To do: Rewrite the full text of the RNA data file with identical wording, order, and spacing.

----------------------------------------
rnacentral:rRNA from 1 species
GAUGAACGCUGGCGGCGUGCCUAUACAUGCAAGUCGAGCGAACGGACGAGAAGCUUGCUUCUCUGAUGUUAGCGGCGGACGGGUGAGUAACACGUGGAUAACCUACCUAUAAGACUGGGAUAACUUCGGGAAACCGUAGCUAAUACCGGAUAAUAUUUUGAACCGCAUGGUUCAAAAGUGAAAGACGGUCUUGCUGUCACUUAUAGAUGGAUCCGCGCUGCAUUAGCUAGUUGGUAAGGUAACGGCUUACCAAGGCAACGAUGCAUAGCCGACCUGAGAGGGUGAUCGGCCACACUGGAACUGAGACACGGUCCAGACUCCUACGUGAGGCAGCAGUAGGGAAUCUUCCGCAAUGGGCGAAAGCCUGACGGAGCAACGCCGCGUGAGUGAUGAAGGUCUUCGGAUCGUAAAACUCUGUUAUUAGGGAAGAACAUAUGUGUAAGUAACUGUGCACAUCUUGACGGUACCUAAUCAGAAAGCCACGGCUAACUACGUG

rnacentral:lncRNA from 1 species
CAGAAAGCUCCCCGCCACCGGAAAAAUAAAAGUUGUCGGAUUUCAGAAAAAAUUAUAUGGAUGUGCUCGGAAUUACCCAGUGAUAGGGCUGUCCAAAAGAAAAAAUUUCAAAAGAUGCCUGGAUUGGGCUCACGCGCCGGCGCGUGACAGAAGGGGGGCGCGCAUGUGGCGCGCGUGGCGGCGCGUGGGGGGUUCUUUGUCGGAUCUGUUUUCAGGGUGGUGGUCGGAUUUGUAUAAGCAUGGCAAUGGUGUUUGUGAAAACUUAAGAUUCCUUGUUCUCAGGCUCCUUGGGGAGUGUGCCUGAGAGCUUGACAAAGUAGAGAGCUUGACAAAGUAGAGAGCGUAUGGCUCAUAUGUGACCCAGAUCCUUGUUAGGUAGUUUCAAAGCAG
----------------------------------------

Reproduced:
rnacentral:rRNA from 1 species
GAUGAACGCUGGCGGCGUGCCUAUACAUGCAAGUCGAGCGAACGGACGAGAAGCUUGCUUCUCUGAUGUUAGCGGCGGACGGGUGAGUAACACGUGGAUAACCUACCUAUAAGACUGGGAUAACUUCGGGAAACCGUAGCUAAUACCGGAUAAUAUUUUGAACCGCAUGGUUCAAAAGUGAAAGACGGUCUUGCUGUCACUUAUAGAUGGAUCCGCGCUGCAUUAGCUAGUUGGUAAGGUAACGGCUUACCAAGGCAACGAUGCAUAGCCGACCUGAGAGGGUGAUCGGCCACACUGGAACUGAGACACGGUCCAGACUCCUACGUGAGGCAGCAGUAGGGAAUCUUCCGCAAUGGGCGAAAGCCUGACGGAGCAACGCCGCGUGAGUGAUGAAGGUCUUCGGAUCGUAAAACUCUGUUAUUAGGGAAGAACAUAUGUGUAAGUAACUGUGCACAUCUUGACGGUACCUAAUCAGAAAGCCACGGCUAACUACGUG

rnacentral:lncRNA from 1 species
CAGAAAGCUCCCCGCCACCGGAAAAAUAAAAGUUGUCGGAUUUCAGAAAAAAUUAUAUGGAUGUGCUCGGAAUUACCCAGUGAUAGGGCUGUCCAAAAGAAAAAAUUUCAAAAGAUGCCUGGAUUGGGCUCACGCGCCGGCGCGUGACAGAAGGGGGGCGCGCAUGUGGCGCGCGUGGCGGCGCGUGGGGGGUUCUUUGUCGGAUCUGUUUUCAGGGUGGUGGUCGGAUUUGUAUAAGCAUGGCAAUGGUGUUUGUGAAAACUUAAGAUUCCUUGUUCUCAGGCUCCUUGGGGAGUGUGCCUGAGAGCUUGACAAAGUAGAGAGCUUGACAAAGUAGAGAGCGUAUGGCUCAUAUGUGACCCAGAUCCUUGUUAGGUAGUUUCAAAGCAG